nearvideo Nevada caucus volunteers reportedly feel more comfortable with the new voting tech
Election officials in Nevada, looking to avoid a repeat of the Iowa Caucasus chaos; the knowledge of Megan Messerly, political reporter for The Nevada Independent.
LAS VEGAS – Nevada ‘ s presidential group meetings date back almost four decades.
But their stature as an early voting state in the presidential-to keep the nomination calendar, and the first Western state to a competition, in the White House race is much more recent.
In 2008, the Democratic National Committee moved Nevada in the vicinity of the top of the primary calendar behind Iowa and New Hampshire, what is the Status of the “first in the West” designation.
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The move was made in order to reflect Nevada the role of elections in bellwether state, as well as for the presentation of the growing importance of the West.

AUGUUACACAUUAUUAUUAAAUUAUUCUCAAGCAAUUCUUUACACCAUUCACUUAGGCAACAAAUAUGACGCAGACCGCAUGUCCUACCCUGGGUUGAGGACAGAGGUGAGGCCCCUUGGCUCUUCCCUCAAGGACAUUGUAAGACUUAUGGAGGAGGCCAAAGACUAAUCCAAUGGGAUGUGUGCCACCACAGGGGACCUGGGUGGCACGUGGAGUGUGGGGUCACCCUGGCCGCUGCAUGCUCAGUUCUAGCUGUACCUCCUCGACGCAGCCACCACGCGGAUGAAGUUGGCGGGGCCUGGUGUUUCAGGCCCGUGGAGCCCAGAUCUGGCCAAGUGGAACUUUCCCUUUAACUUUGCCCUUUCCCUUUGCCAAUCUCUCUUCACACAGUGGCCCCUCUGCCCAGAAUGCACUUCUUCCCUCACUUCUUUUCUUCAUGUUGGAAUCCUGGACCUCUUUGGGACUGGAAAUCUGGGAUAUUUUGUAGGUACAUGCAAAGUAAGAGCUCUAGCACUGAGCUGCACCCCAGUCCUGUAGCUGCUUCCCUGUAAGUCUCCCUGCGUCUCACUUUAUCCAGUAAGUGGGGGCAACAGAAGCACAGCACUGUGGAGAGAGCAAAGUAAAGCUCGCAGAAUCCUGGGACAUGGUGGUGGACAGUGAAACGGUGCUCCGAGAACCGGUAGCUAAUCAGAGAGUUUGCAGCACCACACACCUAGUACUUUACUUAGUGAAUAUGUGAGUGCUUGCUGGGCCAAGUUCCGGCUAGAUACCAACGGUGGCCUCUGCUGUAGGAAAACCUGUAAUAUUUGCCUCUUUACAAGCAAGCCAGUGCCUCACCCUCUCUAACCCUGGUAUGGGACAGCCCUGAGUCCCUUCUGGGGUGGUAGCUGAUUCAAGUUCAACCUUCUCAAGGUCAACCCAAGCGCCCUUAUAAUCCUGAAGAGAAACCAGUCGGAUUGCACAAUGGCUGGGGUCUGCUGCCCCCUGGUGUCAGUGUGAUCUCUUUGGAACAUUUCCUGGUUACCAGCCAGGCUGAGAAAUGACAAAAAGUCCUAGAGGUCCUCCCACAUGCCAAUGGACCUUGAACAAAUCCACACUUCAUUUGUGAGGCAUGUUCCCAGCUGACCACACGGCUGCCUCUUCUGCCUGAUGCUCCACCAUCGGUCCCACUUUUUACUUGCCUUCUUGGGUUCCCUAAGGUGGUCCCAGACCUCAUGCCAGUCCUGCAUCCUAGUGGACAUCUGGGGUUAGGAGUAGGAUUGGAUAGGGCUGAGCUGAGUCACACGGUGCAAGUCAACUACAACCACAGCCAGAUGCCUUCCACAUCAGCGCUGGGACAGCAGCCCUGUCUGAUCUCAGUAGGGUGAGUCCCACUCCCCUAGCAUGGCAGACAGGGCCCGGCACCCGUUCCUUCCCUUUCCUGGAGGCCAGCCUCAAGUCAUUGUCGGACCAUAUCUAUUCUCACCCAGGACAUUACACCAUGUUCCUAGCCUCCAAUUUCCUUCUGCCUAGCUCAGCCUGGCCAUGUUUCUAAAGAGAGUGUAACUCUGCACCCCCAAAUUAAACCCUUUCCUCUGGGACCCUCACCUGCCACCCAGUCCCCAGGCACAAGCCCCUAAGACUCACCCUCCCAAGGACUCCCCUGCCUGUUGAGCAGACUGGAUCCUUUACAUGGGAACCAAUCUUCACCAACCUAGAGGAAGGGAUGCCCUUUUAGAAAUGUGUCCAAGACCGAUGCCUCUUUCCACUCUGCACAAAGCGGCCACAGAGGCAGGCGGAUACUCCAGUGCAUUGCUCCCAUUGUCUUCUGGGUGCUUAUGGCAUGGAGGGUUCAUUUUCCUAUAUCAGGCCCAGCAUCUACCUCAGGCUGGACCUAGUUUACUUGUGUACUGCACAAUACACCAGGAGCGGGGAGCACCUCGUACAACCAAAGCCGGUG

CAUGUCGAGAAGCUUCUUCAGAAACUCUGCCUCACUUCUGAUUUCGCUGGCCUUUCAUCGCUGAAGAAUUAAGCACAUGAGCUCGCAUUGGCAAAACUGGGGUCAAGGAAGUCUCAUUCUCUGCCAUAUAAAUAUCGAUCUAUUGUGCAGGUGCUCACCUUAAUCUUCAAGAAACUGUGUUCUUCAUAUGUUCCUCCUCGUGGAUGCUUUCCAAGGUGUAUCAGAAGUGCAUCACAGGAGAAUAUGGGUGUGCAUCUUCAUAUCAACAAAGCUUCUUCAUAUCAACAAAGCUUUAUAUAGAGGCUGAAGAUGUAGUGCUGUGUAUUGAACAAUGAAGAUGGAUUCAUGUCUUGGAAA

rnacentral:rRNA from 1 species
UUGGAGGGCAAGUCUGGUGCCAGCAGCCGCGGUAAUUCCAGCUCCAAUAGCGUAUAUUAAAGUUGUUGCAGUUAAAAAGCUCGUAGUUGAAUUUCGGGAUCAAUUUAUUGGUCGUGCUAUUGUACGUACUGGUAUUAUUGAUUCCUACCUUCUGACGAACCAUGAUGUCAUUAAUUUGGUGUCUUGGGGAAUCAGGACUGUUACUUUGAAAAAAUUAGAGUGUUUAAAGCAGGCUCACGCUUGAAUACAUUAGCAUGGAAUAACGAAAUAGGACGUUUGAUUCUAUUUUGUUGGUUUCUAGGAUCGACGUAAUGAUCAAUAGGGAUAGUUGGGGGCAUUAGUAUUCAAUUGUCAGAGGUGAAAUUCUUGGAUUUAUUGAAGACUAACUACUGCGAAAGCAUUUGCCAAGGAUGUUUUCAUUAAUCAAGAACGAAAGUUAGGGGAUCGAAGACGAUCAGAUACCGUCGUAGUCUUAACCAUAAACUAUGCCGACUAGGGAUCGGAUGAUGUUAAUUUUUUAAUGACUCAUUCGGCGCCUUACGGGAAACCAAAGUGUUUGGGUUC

The move was also made to better the democratic party increasingly heterogeneous electorate to represent. Addling Nevada, with its vibrant Spanish-speaking population, the mix with South Carolina, with a large African-American Democratic electorate, helped a counterweight to the predominantly white States of Iowa and New Hampshire.
Here is a look at the winners of the Caucasus dating back to 2008.
Hillary Clinton, 51 percent Barack Obama, 45 percent John Edwards, 4 percent
Mitt Romney 51 Percent, Ron Paul 14 Percent, John McCain 13%, Mike Huckabee 8%, Fred Thompson 8%, Rudy Giuliani 4%, Duncan Hunter 2%
President Barack Obama 98%, uncommitted 1%
Mitt Romney 50 percent, 21 percent, Newt Gingrich, Ron Paul with 19 percent, and Rick Santorum 10 percent
Hillary Clinton 53 Percent, Bernie Sanders, 47 Percent
Donald Trump, 46% Marco Rubio 24%, Ted Cruz 21 Percent, Ben Carson, 5% John Kasich 4%